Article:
Some application of new thinking, plus some good old 'suck it and see' technology is called for here..... and isn't that better than trying to use a device that was never meant to be a linear attenuator (the FET), and really doesn't do the job very well?
 :wink:

Svart

Time constants in compressors
« Reply #24 on: December 07, 2005, 07:47:32 AM »
the FET is God.

no discussion.



 :green:

OK in all seriousness.. PRR your explaination and discussion was educational and appreciated once again!  TedF, I do like the VCA too but i have a rack full of VCA compressors and only a few others types..


PRR, I'm still trying to get to a point to proto up the new version of the Varimu that we were discussing.  I REALLY like that compressor on an overall mix  and I NEED another one for cymbals/overheads because the natural compression curve you talk of sounds wonderful.  Your point of FETs being good at one thing but maybe not another is duly noted, I was just making a broad statement in hopes of clarification, which was fully satisfied.

Thanks everyone!

 :guinness:
Welcome to the GroupDIY leper colony! when something falls off, we just replace it with a tube!
occupation: General Electron Mayhem

Alesis X2 information repository:
http://www.theopiumdenproductions.

TedF

Time constants in compressors
« Reply #25 on: December 07, 2005, 08:54:03 AM »
OK Svart,
I give in!
Try your FETs, then get back to real compressors.... optical ones! :grin:

Svart

Time constants in compressors
« Reply #26 on: December 07, 2005, 09:01:16 AM »
TedF do you use LDRs?  Do you match them?  or have you figured out another opto-part to use?  I wonder if transistor or diode based optocouplers have been researched..
Welcome to the GroupDIY leper colony! when something falls off, we just replace it with a tube!
occupation: General Electron Mayhem

Alesis X2 information repository:
http://www.theopiumdenproductions.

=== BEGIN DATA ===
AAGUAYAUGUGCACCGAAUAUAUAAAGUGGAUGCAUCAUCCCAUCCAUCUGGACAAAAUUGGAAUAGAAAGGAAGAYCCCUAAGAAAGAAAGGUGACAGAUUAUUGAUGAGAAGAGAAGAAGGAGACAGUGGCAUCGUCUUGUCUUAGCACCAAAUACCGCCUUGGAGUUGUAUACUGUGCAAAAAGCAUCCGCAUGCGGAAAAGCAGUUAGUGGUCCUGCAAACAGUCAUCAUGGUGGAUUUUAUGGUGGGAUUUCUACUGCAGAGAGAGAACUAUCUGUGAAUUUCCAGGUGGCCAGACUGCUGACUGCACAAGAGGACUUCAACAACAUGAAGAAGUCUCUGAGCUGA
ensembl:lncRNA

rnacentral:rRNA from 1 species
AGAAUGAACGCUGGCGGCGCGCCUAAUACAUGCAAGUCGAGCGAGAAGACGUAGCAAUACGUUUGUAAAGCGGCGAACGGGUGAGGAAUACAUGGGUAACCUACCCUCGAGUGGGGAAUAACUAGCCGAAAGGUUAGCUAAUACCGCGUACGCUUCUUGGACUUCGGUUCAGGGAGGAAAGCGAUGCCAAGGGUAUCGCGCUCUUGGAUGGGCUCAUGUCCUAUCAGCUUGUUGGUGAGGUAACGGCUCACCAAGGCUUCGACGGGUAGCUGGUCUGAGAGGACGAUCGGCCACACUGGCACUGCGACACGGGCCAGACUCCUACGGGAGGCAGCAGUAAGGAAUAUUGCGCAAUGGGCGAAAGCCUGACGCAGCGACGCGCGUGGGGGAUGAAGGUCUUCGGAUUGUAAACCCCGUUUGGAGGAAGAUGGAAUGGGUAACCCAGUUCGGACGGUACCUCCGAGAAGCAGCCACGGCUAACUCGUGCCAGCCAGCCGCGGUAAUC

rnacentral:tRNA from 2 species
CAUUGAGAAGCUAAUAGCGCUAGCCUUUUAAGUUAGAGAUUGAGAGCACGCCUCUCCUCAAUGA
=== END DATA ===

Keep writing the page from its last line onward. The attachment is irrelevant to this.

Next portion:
TedF

Time constants in compressors
« Reply #27 on: December 07, 2005, 09:25:58 AM »
Yes, I use conventional LDRs.... not ORP12s, they are on the slow side, although they have the lovely non-linear rise and fall characteristics.  The ones I use are Protech MLG5527. They have a faster attack time, but the penalty is a high percentage of rejects, and the need to run a simple matching process.  They are not really suitable for simple compressors because the resistance change range is not as great as the old ORP12.

I prefer to use discrete LDRs rather than the packaged types, it gives me  freedom to vary LED types and distances.

Yes, I have looked at all sorts of devices, but always returned to the LDR; it's a perfect choice as so much of the complex attack and release work is done for you.

alk509

Time constants in compressors
« Reply #28 on: December 07, 2005, 12:26:46 PM »
Every time PRR opens his mouth, it's like being beaten with a learning club! Thank you, Paul! If I ever get a chance to buy you a drink, I'll buy you two. You truly are the proverbial "man". :thumb: :sam:

Peace,
Al.

Lest laziness get the best of you!

Viitalahde

Time constants in compressors
« Reply #29 on: December 08, 2005, 01:30:00 AM »
Quote from: "alk509"
Every time PRR opens his mouth, it's like being beaten with a learning club!


Agreed.  :thumb: Thank you (also the others!) and you have another set-o-pints waiting in Finland.

 :guinness:  :guinness:  :guinness:  :guinness:  :guinness:  :guinness:


PRR

Time constants in compressors
« Reply #30 on: December 08, 2005, 02:33:27 AM »
> VCA is ideal; it is predictable, well documented and countless designers have tried.....

Agree. When VCAs were VERY expensive and just beginning to get good, other schemes were interesting. Nowadays, they are "the obvious choice".

> the FET is God

It is a handy tool. One disgusting problem is that JFETs are going out of style in mega-production, so there are not that many types in-stock at distributors. One of my old reference handy-FETs is no longer stocked at DigiKey.

I have a half-baked thought, so I will put this link here while I think:
Philips PMBFJ620 is a dual-JFET that is in recent production and stocked by DigiKey at $0.75. datasheet

What happens if you port the twin-tube vari-Mu gain-cell idea to FETs? I don't know. A hasty sim says it don't suck, and the practical logistics are much better than tubes. I'm not sure I trust my sim: I'm sure it "works", but maybe not as good as it sims. Yet down to a point, the sim model "must" be correct. Very low currents may not correctly model the knee in an FET's Vgs/Gm plot; but that may not matter. It is clear that the JFETs won't have the soft slope near zero grid bias that most tube limiters have, though we can soften the sidechain and maybe fake it close enough for government-work. Especially if the FET is God.